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Till the Dragon spits fire

Alok Rashmi Mukhopadhyay was Associate Fellow at Institute for Defence Studies and Analyses, New Delhi. Click here for detailed profile.
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  • March 10, 2005

    Putting an end to all speculations, protests from the media and other quarters and hectic Chinese diplomatic parleys in Brussels before the EU-China Summit in December 2004, the EU finally declared (December 8) that the arms embargo on China would not be lifted for the time being. The embargo, which was sanctioned against China in the aftermath of Tiananmen Square tragedy in 1989, remained one of the most debatable issues before the summit. The EU however informed that there was a willingness within the Union to work towards the lifting of the ban. In fact, the Chinese Premier Wen Jiabao attached great importance to the existing embargo. On the eve of the summit, Jiabao, who led the Chinese delegation to Brussels, was categorical while commenting on the EU decision. He informed that the Chinese demand for lifting of embargo does not mean that China would like to purchase advanced weapons from Europe. However, he demanded that the lifting of the sanctions, ‘a legacy of the Cold War’ would put an end to the political discrimination against China.

    Chinese diplomats in Brussels had worked hard to get a decisive outcome on this issue from the summit. Wang Shaoxin, spokesperson at the Chinese Mission in Brussels, also reportedly told the EU officials that continuing the arms embargo would not be beneficial for future Sino-European cooperation. Similarly, on December 3, 2004, a Chinese Foreign Ministry press briefing underscored that although the lifting of the arms embargo would not be linked with any other issue, it would be impossible that bilateral relations would not be affected by maintaining such embargo. Chinese officials were seen to be pursuing this issue with the important European national governments with great care. Finally, a compromise was worked out in the shape of the joint statement at the end of the summit. The Chinese side welcomed it as a positive sign, as the EU confirmed in the joint statement its political will to continue to work towards lifting of the embargo. In return, China also expressed its commitment to ratify the International Covenant on Civil and Political Rights (ICCPR) as soon as possible.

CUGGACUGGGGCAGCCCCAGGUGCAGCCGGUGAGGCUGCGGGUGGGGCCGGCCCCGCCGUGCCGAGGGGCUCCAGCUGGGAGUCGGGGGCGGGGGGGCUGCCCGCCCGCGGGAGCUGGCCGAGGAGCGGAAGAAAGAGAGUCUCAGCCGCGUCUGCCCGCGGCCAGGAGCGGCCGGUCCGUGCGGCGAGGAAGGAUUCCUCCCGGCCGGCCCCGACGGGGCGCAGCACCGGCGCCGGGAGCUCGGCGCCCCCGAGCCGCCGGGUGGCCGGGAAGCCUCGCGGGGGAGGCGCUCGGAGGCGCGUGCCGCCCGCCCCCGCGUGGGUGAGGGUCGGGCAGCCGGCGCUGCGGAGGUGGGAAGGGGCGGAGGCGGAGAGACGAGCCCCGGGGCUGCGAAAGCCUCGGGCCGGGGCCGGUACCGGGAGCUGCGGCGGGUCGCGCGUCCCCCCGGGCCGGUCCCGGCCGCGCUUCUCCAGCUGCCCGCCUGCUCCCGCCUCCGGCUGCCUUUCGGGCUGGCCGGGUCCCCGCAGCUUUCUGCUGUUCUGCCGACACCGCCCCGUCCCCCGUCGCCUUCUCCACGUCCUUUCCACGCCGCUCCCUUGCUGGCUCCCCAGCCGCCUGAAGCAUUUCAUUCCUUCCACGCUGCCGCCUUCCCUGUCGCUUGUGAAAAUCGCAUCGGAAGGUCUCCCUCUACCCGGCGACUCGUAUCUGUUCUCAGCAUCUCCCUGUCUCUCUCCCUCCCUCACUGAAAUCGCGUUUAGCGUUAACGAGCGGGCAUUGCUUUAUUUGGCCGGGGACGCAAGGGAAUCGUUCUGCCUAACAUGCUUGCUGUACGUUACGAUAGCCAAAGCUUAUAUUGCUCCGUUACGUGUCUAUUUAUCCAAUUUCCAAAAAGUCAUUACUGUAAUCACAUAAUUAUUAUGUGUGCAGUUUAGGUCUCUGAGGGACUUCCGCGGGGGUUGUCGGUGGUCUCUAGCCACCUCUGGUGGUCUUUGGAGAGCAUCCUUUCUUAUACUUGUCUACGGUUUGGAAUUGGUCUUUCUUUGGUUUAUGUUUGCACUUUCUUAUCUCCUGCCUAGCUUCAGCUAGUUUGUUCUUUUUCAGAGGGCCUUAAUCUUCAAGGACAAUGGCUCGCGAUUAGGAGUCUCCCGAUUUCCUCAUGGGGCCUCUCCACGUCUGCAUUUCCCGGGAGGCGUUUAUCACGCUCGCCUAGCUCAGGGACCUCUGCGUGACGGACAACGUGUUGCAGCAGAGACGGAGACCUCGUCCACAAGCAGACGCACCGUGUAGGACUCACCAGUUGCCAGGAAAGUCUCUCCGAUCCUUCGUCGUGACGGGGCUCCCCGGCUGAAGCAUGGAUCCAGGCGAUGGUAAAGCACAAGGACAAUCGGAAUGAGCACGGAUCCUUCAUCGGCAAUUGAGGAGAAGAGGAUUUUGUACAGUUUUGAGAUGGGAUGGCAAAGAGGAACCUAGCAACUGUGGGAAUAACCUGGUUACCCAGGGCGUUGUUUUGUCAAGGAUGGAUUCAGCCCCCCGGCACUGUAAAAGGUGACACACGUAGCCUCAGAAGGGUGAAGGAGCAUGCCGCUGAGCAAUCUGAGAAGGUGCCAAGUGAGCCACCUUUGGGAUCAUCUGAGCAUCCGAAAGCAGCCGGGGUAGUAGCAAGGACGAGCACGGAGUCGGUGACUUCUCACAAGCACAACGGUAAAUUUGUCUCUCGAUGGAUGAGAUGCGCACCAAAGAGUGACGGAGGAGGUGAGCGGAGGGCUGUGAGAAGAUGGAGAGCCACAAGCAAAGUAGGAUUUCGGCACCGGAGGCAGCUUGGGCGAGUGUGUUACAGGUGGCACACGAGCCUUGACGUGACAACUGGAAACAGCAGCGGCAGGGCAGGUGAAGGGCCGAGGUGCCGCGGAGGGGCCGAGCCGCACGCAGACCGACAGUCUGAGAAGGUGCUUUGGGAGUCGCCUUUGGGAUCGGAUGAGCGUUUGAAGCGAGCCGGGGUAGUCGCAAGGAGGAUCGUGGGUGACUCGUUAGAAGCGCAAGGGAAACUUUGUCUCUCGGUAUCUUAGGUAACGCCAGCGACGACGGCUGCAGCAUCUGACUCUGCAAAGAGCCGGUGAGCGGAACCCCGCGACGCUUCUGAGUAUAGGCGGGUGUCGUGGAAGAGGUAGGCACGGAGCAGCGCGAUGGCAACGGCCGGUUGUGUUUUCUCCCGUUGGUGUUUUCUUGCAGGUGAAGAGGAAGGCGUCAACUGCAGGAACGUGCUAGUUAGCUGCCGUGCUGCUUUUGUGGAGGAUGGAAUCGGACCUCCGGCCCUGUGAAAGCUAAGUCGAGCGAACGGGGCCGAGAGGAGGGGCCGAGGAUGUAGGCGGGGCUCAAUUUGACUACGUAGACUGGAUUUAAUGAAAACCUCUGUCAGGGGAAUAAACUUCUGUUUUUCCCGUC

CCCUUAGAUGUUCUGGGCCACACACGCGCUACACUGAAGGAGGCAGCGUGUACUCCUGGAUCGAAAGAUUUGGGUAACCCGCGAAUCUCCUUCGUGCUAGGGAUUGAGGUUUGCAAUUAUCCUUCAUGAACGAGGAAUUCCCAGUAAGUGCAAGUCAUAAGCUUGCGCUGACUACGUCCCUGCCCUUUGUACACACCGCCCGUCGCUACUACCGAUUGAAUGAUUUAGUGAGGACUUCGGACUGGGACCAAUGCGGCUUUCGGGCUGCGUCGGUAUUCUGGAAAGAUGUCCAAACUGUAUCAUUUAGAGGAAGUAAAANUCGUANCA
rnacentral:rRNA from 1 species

The interest of the European Union in general and some specific nations in particular, in lifting the arms embargo on China, is quite comprehensible. Official statistics speak for themselves. In 2003, the EU sanctioned arms sales to China was worth €416 million, which was almost double of the approved sales in 2002 (€210 million). France, like in 2002 (€105 million), remained at the top of the list with the sanctioned amount of €171 million. While the debate of lifting the arms embargo on China is getting a transatlantic dimension, figures published in the EU Official Journal is certainly not comfortable for the EU. The record of the major EU nations in supplying arms to China, in reality has reduced the embargo to a misnomer. In addition, observers are of the opinion that the EU arms export policy lacks coherence and does not address the issue of transferring dual-use technology to China. The symbolic arms embargo, therefore, strengthens the Chinese and partially European argument that it is a legacy of Cold War and it unnecessarily brackets China with regimes in Zimbabwe and North Korea. One may also raise some pertinent facts that China is an important partner in EU Galileo project and as per latest figures, Sino-European trade has reached €122 billion till November 2004, why then the sanctions are still in place?